34 As a result, SB swap market participants were not required to comply with substantially all of Title VII’s requirements applicable to SB swaps under the Exchange Act. The expiration dates of the temporary exemptions granted pursuant to the Effective Date Order are triggered by the effective or compliance dates for certain final rules required to be adopted by the Commission pursuant to Title VII.35
Second, the Commission approved an order granting temporary relief and providing interpretive guidance to make it clear that a substantial number of the requirements of the Exchange Act would not apply to SB swaps when the revised definition of “security” went into effect on July 16, 2011.
36 Additionally, this order provided temporary relief from provisions of the Exchange Act that allow the voiding of contracts made in violation of those laws.37
33 See section 774 of the Dodd-Frank Act, 15 U.S.C. 77b note. The
34 Order Pursuant to Sections 15F(b)(6) and 36 of the Securities Exchange Act of 1934 Granting Temporary Exemptions and Other Temporary Relief, Together With Information on Compliance Dates for New Provisions of the Securities Exchange Act of 1934 Applicable to Security-Based Swaps, and Request for Comment, Release No. 34-64678 (June 15, 2011), 76 FR 36287 (June 22, 2011) (“Effective Date Order”).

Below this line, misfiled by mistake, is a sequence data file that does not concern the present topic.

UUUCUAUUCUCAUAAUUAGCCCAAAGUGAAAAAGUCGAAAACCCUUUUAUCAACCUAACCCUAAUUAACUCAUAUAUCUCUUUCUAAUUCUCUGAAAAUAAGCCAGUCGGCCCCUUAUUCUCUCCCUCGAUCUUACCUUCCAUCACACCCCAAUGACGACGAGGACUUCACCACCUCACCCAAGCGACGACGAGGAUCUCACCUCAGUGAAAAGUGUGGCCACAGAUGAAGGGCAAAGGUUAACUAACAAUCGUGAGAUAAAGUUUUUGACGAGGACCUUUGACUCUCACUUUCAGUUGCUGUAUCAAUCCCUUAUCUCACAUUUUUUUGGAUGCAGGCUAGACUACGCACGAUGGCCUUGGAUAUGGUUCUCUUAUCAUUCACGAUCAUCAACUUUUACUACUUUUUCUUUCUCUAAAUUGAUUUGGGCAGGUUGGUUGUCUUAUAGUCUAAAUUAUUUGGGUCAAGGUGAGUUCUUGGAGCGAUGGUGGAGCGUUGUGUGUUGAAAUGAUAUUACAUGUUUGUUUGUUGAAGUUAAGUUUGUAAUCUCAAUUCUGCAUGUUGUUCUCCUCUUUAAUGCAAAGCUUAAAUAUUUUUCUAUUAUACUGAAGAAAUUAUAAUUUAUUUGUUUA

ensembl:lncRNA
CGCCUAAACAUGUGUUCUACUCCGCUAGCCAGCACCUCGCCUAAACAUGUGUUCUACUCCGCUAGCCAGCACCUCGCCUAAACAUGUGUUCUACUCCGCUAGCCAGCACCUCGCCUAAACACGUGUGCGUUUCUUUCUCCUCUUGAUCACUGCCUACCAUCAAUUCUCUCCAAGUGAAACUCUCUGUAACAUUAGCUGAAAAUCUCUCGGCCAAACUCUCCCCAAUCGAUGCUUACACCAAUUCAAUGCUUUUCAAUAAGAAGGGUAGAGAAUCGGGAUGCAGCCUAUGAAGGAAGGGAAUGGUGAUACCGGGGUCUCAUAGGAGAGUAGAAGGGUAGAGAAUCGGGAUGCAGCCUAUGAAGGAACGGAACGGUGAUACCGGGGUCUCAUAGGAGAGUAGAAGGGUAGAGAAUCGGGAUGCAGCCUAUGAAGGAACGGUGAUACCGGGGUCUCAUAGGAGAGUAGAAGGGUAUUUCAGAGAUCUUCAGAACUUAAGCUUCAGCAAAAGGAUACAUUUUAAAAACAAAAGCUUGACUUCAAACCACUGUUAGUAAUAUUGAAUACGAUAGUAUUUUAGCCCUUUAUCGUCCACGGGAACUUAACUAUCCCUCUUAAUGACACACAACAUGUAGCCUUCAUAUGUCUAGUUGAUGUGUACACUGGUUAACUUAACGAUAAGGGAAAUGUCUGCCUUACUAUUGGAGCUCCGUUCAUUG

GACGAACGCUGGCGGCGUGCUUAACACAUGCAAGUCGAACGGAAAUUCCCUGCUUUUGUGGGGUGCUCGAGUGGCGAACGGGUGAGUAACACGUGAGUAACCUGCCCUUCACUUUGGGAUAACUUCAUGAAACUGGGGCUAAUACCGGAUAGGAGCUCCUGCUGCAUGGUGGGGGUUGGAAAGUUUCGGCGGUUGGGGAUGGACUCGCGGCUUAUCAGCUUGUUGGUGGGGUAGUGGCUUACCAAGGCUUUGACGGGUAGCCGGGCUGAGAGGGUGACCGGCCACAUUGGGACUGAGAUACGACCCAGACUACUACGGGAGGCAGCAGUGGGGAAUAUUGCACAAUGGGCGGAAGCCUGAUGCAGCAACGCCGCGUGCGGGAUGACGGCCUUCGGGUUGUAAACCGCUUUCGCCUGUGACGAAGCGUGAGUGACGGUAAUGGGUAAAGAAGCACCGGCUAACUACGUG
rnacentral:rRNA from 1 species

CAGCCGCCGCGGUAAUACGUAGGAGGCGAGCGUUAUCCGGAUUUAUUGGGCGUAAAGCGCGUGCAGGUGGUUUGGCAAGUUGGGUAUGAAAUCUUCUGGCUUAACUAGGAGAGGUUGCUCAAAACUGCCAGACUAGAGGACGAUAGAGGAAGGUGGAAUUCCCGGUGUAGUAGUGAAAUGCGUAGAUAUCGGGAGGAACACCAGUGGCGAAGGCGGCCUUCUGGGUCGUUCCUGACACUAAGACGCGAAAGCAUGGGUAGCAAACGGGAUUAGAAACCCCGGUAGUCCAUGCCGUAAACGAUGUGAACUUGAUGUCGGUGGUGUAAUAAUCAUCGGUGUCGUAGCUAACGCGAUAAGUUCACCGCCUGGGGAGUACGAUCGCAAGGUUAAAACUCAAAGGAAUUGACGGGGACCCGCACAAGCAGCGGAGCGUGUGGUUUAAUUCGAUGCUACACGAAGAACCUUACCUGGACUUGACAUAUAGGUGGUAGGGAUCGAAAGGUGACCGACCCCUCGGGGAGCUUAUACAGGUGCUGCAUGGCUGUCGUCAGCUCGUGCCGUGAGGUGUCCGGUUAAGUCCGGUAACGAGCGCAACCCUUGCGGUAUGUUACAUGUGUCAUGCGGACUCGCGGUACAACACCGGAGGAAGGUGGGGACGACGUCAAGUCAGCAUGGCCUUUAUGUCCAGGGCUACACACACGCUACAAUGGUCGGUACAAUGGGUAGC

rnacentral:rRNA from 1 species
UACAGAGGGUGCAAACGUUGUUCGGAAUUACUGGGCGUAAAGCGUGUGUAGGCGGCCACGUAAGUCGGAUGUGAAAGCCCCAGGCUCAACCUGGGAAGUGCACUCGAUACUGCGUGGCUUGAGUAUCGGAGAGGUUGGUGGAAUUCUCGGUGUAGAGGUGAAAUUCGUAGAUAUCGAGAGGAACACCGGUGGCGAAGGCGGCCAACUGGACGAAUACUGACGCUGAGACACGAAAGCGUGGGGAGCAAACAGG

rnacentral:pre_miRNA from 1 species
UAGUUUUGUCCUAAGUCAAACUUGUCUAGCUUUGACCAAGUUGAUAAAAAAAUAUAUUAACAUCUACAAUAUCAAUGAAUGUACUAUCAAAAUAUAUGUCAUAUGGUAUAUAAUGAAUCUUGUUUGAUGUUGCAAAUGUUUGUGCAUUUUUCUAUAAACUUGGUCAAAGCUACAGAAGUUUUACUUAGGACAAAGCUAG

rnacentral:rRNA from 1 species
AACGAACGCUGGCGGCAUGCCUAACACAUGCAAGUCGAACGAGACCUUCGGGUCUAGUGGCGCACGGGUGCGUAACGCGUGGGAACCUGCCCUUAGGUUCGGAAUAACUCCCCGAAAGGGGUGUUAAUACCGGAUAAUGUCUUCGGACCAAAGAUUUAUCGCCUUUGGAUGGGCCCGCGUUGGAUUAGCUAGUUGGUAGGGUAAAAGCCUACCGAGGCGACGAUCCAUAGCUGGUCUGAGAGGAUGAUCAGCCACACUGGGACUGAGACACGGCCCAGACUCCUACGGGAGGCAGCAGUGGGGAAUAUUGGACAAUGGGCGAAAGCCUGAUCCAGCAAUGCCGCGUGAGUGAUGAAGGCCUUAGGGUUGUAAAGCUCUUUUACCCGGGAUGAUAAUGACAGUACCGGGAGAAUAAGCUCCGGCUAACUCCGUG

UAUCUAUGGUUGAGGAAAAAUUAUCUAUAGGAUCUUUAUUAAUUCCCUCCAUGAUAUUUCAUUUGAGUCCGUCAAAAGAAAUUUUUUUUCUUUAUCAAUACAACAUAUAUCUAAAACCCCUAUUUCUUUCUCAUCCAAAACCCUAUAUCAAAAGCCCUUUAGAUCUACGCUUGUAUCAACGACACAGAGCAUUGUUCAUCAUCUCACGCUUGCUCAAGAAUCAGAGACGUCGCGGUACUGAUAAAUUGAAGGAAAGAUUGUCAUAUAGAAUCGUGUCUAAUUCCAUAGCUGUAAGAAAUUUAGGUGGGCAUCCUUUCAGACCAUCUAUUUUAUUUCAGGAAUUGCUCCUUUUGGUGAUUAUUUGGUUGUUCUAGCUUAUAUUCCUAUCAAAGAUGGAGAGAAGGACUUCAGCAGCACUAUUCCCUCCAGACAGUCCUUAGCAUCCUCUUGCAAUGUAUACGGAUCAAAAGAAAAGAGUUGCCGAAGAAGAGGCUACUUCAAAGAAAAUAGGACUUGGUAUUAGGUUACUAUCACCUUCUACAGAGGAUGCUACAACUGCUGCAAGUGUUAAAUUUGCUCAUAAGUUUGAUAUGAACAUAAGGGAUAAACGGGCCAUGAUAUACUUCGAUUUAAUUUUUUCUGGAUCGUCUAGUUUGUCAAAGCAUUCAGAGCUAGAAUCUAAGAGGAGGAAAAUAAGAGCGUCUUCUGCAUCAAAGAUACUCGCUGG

35 See Effective Date Order at 36306-7.
36 Order Granting Temporary Exemptions under the Securities Exchange Act of 1934 in Connection with the Pending Revision of the Definition of “Security” to Encompass Security-Based Swaps, and Request for Comment, Release No. 34-64795 (July 1, 2011), 76 FR 39927 (July 7, 2011) (“Exchange Act Exemptive Order”).
37 Id. at 39930, 39940.
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exemptions granted will expire upon the compliance dates of certain of the rules required to be promulgated pursuant to Title VII, including rules further defining the terms “security-based swap” and “eligible contract participant”
38 and the rules regarding the registration of SB SEFs.39
Third, the Commission provided, until the compliance date for the final rules to be adopted by the Commission further defining the terms “security-based swap” and “eligible contract participant,”
40 interim exemptions from all provisions of the Securities Act (other than the section 17(a) antifraud provisions), the registration requirements of the Exchange Act relating to classes of securities, and the indenture provisions of the Trust Indenture Act for those SB swaps that would have been, prior to the Effective Date, within the definition of “security-based swap agreement” under Securities Act section 2A41 and Exchange Act section 3A42 and are entered into solely between eligible contract participants (as defined prior to the Effective Date).43